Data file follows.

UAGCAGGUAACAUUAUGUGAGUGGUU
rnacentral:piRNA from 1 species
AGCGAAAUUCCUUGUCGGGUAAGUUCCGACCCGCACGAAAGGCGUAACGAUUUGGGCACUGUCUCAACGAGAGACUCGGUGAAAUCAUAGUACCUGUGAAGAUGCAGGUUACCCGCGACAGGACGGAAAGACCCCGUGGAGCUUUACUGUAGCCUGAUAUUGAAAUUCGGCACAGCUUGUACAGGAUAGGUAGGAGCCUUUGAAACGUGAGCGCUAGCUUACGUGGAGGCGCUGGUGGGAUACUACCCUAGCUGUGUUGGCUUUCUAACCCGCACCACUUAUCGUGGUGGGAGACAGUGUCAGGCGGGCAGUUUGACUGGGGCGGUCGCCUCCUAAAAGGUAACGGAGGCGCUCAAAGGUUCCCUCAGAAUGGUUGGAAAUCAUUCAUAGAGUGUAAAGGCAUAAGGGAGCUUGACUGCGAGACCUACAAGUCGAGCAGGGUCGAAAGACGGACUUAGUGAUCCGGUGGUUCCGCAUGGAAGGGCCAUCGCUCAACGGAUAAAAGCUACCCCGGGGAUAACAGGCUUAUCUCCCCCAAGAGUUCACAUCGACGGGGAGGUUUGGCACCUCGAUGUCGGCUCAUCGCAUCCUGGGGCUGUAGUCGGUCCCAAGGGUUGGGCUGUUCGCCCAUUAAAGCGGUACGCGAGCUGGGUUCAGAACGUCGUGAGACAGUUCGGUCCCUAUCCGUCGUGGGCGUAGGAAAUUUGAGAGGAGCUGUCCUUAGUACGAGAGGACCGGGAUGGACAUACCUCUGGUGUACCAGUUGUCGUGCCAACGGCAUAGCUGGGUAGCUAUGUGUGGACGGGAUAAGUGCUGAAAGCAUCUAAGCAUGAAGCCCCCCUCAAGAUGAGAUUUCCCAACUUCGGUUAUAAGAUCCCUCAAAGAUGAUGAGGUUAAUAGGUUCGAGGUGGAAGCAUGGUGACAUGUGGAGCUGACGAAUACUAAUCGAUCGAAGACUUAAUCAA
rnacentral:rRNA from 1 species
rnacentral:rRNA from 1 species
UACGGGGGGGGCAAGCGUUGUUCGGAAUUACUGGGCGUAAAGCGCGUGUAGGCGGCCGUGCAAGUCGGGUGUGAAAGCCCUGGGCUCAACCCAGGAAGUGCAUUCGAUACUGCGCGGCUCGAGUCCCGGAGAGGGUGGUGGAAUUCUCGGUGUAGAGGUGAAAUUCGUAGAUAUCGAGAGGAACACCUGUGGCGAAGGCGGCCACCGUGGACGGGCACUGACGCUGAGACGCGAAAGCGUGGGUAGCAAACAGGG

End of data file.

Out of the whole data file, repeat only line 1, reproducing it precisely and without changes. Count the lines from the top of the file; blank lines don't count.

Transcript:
UAGCAGGUAACAUUAUGUGAGUGGUU